17:14 When you come to the land the Lord your God is giving you and take it over and live in it and then say, “I will select a king like all the nations surrounding me,” 17:15 you must select without fail 1 a king whom the Lord your God chooses. From among your fellow citizens 2 you must appoint a king – you may not designate a foreigner who is not one of your fellow Israelites. 3 17:16 Moreover, he must not accumulate horses for himself or allow the people to return to Egypt to do so, 4 for the Lord has said you must never again return that way. 17:17 Furthermore, he must not marry many 5 wives lest his affections turn aside, and he must not accumulate much silver and gold. 17:18 When he sits on his royal throne he must make a copy of this law 6 on a scroll 7 given to him by the Levitical priests. 17:19 It must be with him constantly and he must read it as long as he lives, so that he may learn to revere the Lord his God and observe all the words of this law and these statutes and carry them out. 17:20 Then he will not exalt himself above his fellow citizens or turn from the commandments to the right or left, and he and his descendants will enjoy many years ruling over his kingdom 8 in Israel.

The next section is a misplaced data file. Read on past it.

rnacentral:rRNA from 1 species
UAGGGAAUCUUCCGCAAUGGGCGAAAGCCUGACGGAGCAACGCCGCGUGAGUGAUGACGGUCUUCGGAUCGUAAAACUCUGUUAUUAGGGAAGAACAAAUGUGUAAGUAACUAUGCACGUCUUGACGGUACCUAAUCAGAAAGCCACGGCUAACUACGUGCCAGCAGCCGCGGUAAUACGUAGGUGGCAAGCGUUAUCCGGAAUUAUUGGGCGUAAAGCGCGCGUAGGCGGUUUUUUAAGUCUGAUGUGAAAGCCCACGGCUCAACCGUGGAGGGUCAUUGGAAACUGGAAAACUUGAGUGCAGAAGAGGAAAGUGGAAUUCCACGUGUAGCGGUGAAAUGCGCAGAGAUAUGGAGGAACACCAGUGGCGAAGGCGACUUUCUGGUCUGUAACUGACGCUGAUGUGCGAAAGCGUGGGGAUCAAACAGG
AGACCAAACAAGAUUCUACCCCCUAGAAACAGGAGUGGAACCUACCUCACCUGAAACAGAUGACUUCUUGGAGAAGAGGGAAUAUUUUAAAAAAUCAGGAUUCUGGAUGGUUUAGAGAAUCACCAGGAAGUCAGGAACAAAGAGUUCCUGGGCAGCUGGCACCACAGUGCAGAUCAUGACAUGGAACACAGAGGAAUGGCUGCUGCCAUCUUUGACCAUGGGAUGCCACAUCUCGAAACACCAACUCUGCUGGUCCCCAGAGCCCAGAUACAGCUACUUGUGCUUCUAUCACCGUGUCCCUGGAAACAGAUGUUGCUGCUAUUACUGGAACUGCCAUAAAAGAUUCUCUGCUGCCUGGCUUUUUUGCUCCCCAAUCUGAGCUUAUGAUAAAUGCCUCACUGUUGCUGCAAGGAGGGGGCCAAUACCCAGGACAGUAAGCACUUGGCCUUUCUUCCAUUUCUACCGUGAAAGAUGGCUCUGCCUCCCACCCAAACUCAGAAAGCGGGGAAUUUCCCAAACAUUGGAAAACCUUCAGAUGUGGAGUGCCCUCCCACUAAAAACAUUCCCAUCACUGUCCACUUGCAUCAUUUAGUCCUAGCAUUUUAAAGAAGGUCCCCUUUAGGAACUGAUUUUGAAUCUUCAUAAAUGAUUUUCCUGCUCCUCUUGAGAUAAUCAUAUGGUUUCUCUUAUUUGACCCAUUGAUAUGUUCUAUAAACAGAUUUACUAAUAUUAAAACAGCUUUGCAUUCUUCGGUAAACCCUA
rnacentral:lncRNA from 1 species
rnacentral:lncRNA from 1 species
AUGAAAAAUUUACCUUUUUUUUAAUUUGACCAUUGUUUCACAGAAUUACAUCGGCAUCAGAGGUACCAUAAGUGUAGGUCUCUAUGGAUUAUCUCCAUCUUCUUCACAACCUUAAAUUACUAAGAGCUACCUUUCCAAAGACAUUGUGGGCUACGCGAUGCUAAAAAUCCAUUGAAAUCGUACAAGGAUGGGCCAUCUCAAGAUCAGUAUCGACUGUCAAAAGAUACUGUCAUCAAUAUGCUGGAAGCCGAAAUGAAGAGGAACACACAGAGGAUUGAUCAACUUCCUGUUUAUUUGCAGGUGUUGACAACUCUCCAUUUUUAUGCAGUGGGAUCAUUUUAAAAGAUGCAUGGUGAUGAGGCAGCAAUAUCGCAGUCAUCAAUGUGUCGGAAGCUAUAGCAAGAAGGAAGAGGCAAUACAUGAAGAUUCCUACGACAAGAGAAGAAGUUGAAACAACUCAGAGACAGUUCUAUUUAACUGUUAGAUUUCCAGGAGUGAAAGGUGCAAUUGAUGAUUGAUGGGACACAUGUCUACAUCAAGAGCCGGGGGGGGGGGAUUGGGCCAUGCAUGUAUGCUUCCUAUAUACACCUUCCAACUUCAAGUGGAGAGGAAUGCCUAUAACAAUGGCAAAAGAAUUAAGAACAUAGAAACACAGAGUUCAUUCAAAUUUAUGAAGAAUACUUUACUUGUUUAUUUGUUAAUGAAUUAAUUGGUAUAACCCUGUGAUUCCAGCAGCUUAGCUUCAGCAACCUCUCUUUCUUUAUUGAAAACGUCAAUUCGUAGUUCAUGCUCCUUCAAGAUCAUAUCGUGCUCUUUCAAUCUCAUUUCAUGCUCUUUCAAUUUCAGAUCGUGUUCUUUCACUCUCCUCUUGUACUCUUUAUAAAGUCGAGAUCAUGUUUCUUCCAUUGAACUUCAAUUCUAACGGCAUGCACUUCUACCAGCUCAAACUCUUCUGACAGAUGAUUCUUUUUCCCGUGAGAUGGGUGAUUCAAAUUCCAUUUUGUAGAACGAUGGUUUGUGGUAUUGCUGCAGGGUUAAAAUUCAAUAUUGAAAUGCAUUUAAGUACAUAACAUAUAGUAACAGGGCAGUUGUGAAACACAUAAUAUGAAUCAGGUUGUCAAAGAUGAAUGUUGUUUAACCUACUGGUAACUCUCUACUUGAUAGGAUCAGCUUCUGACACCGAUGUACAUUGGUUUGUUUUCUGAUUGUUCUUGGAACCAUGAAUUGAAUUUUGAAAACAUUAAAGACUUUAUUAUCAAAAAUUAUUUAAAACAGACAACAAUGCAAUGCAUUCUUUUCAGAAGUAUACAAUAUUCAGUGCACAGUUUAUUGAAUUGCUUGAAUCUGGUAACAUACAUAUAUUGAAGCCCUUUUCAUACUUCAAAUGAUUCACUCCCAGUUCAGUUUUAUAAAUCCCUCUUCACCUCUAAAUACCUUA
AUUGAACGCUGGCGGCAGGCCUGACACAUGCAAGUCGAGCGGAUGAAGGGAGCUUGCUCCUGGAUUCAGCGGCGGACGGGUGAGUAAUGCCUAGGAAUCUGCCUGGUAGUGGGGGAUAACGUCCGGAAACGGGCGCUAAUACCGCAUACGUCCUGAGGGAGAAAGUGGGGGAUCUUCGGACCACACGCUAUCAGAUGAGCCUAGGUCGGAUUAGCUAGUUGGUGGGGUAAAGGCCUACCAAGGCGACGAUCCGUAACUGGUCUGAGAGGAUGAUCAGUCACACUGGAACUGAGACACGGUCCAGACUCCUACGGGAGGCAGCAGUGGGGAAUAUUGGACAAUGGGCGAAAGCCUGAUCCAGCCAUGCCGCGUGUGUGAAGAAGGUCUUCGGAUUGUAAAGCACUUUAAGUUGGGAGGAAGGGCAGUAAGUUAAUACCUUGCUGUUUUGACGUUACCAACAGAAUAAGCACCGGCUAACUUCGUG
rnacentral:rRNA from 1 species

1 tn The Hebrew text uses the infinitive absolute for emphasis, indicated in the translation by the words “without fail.”
3 tn Heb “your brothers.” See the preceding note on “fellow citizens.”
4 tn Heb “in order to multiply horses.” The translation uses “do so” in place of “multiply horses” to avoid redundancy (cf. NAB, NIV).
5 tn Heb “must not multiply” (cf. KJV, NASB); NLT “must not take many.”
6 tn Or “instruction.” The LXX reads here τὸ δευτερονόμιον τοῦτο (to deuteronomion touto, “this second law”). From this Greek phrase the present name of the book, “Deuteronomy” or “second law” (i.e., the second giving of the law), is derived. However, the MT’s expression מִשְׁנֶה הַתּוֹרָה הַזֹּאת (mishneh hattorah hazzo’t) is better rendered “copy of this law.” Here the term תּוֹרָה (torah) probably refers only to the book of Deuteronomy and not to the whole Pentateuch.
7 tn The Hebrew term סֵפֶר (sefer) means a “writing” or “document” and could be translated “book” (so KJV, ASV, TEV). However, since “book” carries the connotation of a modern bound book with pages (an obvious anachronism) it is preferable to render the Hebrew term “scroll” here and elsewhere.
8 tc Heb “upon his kingship.” Smr supplies כִּסֵא (kise’, “throne”) so as to read “upon the throne of his kingship.” This overliteralizes what is a clearly understood figure of speech.